Bullies aren't all big and muscle-y. Bullies come in all shapes and sizes — and it's not like you can tell who they are by what they look like. You can only tell a bully by their actions — they make themselves feel powerful by threatening, embarrassing, or hurting others. If you have ever been around a bully or been picked on by a bully, you know how hurtful they can be. But, there are things you can do to stay out of a bully's way.
Make friends and lots of them — there's safety in numbers. A bully is less likely to approach you if you're surrounded by pals. Try to be friendly and respectful to everyone—smile at someone if you make eye contact in the hallways, and if you dig someone's cool new shoes, tell them.
If a bully is talking smack about you, keep in mind all the good stuff you know about yourself. Do things that you are good at. Can you spell like a dictionary? Enter a spelling bee. Run like the wind? Join the track team. Sing like an angel? Choir is calling your name. Try something new; you may discover a talent you never knew you had. Take tennis lessons or audition for the school play. Bonus: you'll meet new people!
Stand up for yourself! Practice what you might say if someone starts picking on you. Saying the words a couple of times will make you feel sure of yourself. One word to the wise: Never start a discussion or argue with a bully, even if you've got a zinger that's begging to be zung. You just want to get them off your back, not make them angry. Click here to see some great comeback lines.
Check out the way you act and be aware of your body language. How you carry yourself can bring on a bully. Slouching, looking at the ground or feet, and fidgeting make people think that you are afraid or nervous. Try to walk with your head up, make eye contact, and smile. A bully is less likely to single you out if you are the picture of self-confidence.
Ignore insults or name-calling. It'll be hard, but stay calm and don't let them see you sweat. Take a deep breath and try not to show that you are upset or angry. Above all, don't believe for one second what they're saying. Bullies feed on attention and are just trying to get a reaction from you. It's easier to give them the brush off if you don't let them get under your skin. They'll get bored and move on.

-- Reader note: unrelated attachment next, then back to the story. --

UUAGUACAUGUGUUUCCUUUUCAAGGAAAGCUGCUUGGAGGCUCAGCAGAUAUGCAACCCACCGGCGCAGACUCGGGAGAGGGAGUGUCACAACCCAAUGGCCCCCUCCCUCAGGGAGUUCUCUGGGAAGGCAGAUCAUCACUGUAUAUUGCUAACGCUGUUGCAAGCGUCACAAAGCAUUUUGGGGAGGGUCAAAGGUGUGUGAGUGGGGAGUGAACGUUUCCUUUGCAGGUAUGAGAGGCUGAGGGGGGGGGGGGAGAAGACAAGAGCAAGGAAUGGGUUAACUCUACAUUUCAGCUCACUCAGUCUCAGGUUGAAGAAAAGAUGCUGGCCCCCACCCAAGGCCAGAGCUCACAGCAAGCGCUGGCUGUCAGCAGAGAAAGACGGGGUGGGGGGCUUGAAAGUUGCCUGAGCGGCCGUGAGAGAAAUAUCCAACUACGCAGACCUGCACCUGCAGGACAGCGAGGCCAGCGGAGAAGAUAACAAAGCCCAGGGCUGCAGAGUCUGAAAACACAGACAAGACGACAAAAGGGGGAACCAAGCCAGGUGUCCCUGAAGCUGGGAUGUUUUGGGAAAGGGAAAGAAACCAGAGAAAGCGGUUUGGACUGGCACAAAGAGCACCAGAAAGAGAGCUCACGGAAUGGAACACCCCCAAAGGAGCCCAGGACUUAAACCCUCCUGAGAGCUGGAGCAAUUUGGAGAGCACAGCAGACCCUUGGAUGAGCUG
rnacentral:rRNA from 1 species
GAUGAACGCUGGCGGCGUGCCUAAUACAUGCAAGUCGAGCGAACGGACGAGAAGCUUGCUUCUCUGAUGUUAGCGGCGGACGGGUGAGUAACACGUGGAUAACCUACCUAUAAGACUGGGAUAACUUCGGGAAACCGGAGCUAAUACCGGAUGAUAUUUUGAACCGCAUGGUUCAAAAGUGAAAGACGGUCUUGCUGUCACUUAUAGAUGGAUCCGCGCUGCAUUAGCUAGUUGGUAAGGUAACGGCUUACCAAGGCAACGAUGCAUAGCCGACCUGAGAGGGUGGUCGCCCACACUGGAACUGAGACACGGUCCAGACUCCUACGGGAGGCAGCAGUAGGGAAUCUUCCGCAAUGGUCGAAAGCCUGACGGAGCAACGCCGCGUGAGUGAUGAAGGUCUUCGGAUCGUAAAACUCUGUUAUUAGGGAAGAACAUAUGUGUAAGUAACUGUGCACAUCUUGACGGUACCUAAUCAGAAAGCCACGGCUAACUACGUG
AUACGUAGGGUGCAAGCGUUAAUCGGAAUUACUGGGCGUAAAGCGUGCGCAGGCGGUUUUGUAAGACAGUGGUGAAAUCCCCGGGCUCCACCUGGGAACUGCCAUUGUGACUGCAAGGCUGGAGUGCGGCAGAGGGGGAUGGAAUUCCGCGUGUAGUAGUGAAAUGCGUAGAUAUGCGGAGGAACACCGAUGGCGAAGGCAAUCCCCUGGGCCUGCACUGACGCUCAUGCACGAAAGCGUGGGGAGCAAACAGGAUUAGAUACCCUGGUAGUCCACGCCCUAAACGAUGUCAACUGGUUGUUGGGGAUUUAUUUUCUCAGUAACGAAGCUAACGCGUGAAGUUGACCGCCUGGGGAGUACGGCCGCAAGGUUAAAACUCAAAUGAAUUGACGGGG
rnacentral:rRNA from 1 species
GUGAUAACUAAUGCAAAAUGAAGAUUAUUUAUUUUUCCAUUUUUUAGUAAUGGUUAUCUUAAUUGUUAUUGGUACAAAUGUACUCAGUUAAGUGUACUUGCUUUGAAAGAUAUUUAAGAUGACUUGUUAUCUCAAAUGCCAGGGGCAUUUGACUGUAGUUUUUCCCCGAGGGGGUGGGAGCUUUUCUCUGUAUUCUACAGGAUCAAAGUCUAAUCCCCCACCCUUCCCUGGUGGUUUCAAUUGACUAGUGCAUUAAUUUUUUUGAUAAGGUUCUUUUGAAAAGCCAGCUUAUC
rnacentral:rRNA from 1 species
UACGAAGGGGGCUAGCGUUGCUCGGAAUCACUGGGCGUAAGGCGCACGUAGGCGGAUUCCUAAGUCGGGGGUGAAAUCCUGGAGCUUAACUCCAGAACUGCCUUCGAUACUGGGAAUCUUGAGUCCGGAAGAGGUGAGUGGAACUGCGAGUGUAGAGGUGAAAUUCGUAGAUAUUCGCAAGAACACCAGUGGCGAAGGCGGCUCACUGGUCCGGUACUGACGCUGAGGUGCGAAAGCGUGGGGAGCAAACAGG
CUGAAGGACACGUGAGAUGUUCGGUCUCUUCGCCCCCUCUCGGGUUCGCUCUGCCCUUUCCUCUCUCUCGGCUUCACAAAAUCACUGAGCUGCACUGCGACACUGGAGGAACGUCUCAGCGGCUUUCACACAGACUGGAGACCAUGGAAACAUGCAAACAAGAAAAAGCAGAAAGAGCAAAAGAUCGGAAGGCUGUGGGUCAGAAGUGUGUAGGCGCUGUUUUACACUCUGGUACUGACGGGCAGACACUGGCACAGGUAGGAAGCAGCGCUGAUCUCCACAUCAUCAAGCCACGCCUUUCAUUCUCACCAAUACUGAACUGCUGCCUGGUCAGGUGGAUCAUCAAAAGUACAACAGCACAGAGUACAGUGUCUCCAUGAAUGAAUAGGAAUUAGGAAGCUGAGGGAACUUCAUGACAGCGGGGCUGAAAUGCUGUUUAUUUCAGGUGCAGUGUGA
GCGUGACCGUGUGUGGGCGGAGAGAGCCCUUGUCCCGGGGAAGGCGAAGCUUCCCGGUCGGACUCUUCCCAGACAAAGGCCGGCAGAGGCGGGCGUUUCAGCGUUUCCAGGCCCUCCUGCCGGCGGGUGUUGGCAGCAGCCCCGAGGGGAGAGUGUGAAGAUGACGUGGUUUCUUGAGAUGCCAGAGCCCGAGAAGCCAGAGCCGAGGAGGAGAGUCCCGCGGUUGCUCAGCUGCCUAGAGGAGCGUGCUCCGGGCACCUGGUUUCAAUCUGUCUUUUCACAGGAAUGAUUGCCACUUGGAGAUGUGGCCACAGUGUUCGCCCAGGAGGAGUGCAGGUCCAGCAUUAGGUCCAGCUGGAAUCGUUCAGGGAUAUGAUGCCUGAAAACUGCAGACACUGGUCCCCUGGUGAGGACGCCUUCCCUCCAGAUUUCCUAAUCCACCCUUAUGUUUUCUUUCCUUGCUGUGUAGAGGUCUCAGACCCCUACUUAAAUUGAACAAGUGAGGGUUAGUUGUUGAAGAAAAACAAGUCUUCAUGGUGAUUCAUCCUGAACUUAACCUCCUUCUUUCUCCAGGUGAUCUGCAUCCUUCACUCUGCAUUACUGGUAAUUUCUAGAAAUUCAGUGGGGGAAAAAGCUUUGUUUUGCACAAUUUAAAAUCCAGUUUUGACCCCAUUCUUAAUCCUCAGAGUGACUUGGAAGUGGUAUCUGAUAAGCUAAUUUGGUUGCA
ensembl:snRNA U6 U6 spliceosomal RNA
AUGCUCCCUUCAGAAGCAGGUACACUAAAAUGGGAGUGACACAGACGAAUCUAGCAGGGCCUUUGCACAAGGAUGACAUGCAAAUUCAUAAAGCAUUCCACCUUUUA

Avoid getting sucked into a scuffle, even if it means losing your stuff — you're safety is way more important than your shoes! The only time you should ever fight back is when you have to defend yourself. Even then, keep eyes open for an escape route. Chances are, if someone wants to fight, they know they have a good chance of winning.
Don't be afraid to tell an adult if you're being bullied. You are NOT a snitch if you tell an adult you know that someone is hurting you. If you have tried to stop someone from bothering you and it's not working, get someone you trust involved to help you. And if you see someone else in the same boat, find an adult to help. Get the problem out in the open. Once people know about it, the bully is no longer in control. Not telling anyone — especially because the bully told you not to — is just making him or her feel more powerful.
Have a few one-liners in your pocket to pull out if you need them. Things like, "That's funny, but enough already okay?" or "I don't do this to you. You should really think about that" can help defuse a tense situation and keep you out of harm's way. While you're coming up with your witty one-liners, keep in mind you're trying to take the wind out of the bully's sails, not add fuel to the fire with a major burn. Embarrassing the bully in front of everyone won't make your life any easier.
- Page last reviewed: May 9, 2015
- Page last updated: May 9, 2015
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